Acronyms can be hugely misleading. Especially if you are the trail of the remnants of the Uskok community that live in the hills west of Zagreb. Comb the library catalogues and news archives in Zagreb and there are a thousand pointers to USKOK - a fleet footed national agency in Croatia established to tackle organised crime and corruption as the country seeks to advance its case for admission to the European Union.
The Uskok community used to be pretty fleet footed too. Ousted from their Serbian homeland by the advancing Turks, they moved to the Adriatic coast. For years, they ruled the roost in the coastal city of Senj. That was back in the early sixteenth century, when Uskoks exploited to the full their strategic location at the balance of Ottoman, Venetian and Habsburg influence. The Venetian Republic, the Serenissima, was never too inclined to get involved in Balkan spats, but when the Turks pushed into the northwest Balkans and Venice judged that its control of the shipping routes out to the Mediterranean might be threatened, the Serenissima stirred. There wasn't just the question of the Ottoman threat. The Uskoks held the fortress at Senj, a spot wholly inaccessible to Venetian galleys, and from this secure base the Uskoks were apt to make marauding forays on passing ships.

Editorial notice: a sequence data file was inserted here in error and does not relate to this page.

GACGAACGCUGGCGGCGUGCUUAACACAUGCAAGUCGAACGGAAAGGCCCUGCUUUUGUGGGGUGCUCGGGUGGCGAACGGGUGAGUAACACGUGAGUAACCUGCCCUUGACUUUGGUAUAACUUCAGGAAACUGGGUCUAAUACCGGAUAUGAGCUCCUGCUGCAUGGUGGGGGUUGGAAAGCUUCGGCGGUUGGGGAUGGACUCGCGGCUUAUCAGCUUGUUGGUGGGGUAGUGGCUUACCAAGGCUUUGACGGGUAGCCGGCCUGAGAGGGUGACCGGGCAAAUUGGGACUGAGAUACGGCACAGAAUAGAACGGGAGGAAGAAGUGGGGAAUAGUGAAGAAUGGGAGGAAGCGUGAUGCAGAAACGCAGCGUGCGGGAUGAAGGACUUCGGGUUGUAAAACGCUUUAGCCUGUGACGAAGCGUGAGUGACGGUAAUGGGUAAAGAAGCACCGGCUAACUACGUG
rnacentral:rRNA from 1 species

Piracy wouldn't be tolerated, and in the end the renegade Uskoks were forcibly moved away from the coast. The Habsburg authorities saw that an alliance with these notorious pirates might not go amiss, so the Uskoks were given free land in the interior. Some settled in villages on the bank of the River Kolpa - an area now in Slovenia. Other Uskoks made their homesteads in and around the mountains just west of the city of Zagreb.